You beat me to the punch with the Braniff logos. The logo was also imbedded into the covers of some of the lighting in DFW.
    This was when airlines treated PAX like customers and not as a nuisance.
    So long ago!!

  7. Everyone from DFW has good Braniff memories. Local operations were in Terminal 2W – now Terminal B. Braniff was the only airline at the new airport that had an entire terminal to itself. My lasting memory is of all of the aircraft parked at the terminal and on the tarmac when the airline declared bankruptcy.

  8. I don’t know why they’d not follow the same design as the other terminals. Even if they didn’t build the road infrastructure/parking infrastructure initially to save some costs… one of the best things about DFW is the fact there are multiple entrances throughout, not just one or two choke points ( like DEN, SEA to name a few).

    I could see doing this sort of if it’s an international terminal, but still seems like one step forward two steps back.

  9. @Potsey Weber: Agreed, DFW is to arrive at. Hartsfield is to connect through.

    Doors right by the gates.

    – A

  10. As a weekly (local) traveler at DFW, I’m not sure those plans for Terminal F make sense. But the issue is obviously what to do with South Express Parking, which has been located at the empty Terminal F pad for years. The solution would be a new parking deck on the south side of the airport, but that’s obviously not in the plans.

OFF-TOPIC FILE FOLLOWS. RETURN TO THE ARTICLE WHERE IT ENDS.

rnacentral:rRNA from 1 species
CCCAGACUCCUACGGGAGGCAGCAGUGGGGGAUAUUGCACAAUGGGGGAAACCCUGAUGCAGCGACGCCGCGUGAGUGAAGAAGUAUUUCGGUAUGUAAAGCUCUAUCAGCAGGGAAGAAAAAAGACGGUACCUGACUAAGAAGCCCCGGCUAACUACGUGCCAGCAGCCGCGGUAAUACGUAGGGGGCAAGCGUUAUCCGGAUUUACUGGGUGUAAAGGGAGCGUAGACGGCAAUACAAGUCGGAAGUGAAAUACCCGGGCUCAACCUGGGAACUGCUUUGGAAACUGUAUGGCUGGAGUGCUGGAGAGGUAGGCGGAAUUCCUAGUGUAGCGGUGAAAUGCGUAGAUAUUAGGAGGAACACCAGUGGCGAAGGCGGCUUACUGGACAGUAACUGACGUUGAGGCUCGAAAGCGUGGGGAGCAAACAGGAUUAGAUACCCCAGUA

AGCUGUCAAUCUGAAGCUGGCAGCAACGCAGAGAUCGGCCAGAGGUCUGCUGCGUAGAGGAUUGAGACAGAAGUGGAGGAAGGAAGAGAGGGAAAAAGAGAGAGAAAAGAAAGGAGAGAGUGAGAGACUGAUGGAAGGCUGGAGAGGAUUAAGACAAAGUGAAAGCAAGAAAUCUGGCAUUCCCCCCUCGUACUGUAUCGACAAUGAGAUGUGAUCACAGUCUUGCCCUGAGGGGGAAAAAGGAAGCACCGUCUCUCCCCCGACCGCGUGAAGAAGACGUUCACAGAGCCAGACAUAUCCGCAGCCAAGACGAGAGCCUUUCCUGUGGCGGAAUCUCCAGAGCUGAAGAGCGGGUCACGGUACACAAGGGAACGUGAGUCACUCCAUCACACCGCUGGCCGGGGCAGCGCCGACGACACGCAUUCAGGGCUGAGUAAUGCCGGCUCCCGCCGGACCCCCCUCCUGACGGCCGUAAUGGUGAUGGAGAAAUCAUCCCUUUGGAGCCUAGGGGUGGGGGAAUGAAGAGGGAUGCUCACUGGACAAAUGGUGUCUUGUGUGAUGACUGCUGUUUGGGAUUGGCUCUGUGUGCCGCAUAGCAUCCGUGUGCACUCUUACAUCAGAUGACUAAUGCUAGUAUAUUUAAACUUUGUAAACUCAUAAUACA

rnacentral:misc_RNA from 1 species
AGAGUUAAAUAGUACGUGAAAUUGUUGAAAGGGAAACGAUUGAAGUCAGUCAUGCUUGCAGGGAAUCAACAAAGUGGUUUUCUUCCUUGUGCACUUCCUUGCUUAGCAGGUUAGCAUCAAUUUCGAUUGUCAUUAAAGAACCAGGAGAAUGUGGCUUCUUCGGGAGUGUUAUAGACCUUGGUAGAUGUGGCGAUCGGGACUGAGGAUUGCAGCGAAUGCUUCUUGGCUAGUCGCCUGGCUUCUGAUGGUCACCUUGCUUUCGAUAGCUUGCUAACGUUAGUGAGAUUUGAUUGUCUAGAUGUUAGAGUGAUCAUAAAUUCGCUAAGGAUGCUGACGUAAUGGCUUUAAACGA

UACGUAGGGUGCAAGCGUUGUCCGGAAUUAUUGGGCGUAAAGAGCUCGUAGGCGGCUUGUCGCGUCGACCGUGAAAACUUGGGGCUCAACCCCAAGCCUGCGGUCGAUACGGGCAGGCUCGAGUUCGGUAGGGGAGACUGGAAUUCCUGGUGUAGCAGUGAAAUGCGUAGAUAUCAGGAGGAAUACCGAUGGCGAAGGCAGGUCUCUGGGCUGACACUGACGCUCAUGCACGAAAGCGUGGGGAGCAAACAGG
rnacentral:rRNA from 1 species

Ideally, I’d like to see them build a normal terminal F, with terminal parking, check in and baggage claim. I pity all the connecting passengers who have to get from terminal F to terminal A on a busy day. SkyLink trains are already packed at peak transfer times. It may be time for DFW airport management to consider expanding the SkyLink stations – which are already built to accommodate four-car trains (they just need the added boarding doors installed).

    Routine maintenance of the existing facilities is a more pressing issue for me. For some reason, airport management seems to have stopped doing that work. Escalators clank like they’re about to break down at any minute (They used to be regularly serviced, but I haven’t seen an escalator service crew at work in months and months). Parking deck walkways are filthy, garbage cans never seem to be emptied. Parking deck elevators breakdown regularly. Terminal windows don’t seem to be cleaned at all now. The entire airport is starting to look shabby and rundown, and the high traffic volumes – while great for the airport’s profit margins – seem to be making it even harder for them to keep up the routine maintenance.

    A nice new Terminal F will be probably be good for transit passengers, and help with operations volume, but it won’t do much to address the way we local users see the airport.